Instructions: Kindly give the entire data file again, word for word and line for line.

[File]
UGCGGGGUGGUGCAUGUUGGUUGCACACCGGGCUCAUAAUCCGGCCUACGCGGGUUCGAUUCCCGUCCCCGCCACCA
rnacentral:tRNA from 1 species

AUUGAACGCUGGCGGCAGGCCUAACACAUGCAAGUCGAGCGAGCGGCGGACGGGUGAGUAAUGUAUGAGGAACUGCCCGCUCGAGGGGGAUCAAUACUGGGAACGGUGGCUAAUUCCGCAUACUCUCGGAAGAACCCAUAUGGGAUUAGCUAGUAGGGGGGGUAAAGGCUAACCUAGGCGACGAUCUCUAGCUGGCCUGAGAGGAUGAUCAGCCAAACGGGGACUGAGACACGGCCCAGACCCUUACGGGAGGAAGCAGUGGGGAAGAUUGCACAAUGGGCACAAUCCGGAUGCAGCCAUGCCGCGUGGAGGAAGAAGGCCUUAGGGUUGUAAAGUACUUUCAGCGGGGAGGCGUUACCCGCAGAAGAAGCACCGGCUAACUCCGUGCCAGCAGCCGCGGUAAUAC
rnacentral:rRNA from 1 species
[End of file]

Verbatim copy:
UGCGGGGUGGUGCAUGUUGGUUGCACACCGGGCUCAUAAUCCGGCCUACGCGGGUUCGAUUCCCGUCCCCGCCACCA
rnacentral:tRNA from 1 species

AUUGAACGCUGGCGGCAGGCCUAACACAUGCAAGUCGAGCGAGCGGCGGACGGGUGAGUAAUGUAUGAGGAACUGCCCGCUCGAGGGGGAUCAAUACUGGGAACGGUGGCUAAUUCCGCAUACUCUCGGAAGAACCCAUAUGGGAUUAGCUAGUAGGGGGGGUAAAGGCUAACCUAGGCGACGAUCUCUAGCUGGCCUGAGAGGAUGAUCAGCCAAACGGGGACUGAGACACGGCCCAGACCCUUACGGGAGGAAGCAGUGGGGAAGAUUGCACAAUGGGCACAAUCCGGAUGCAGCCAUGCCGCGUGGAGGAAGAAGGCCUUAGGGUUGUAAAGUACUUUCAGCGGGGAGGCGUUACCCGCAGAAGAAGCACCGGCUAACUCCGUGCCAGCAGCCGCGGUAAUAC
rnacentral:rRNA from 1 species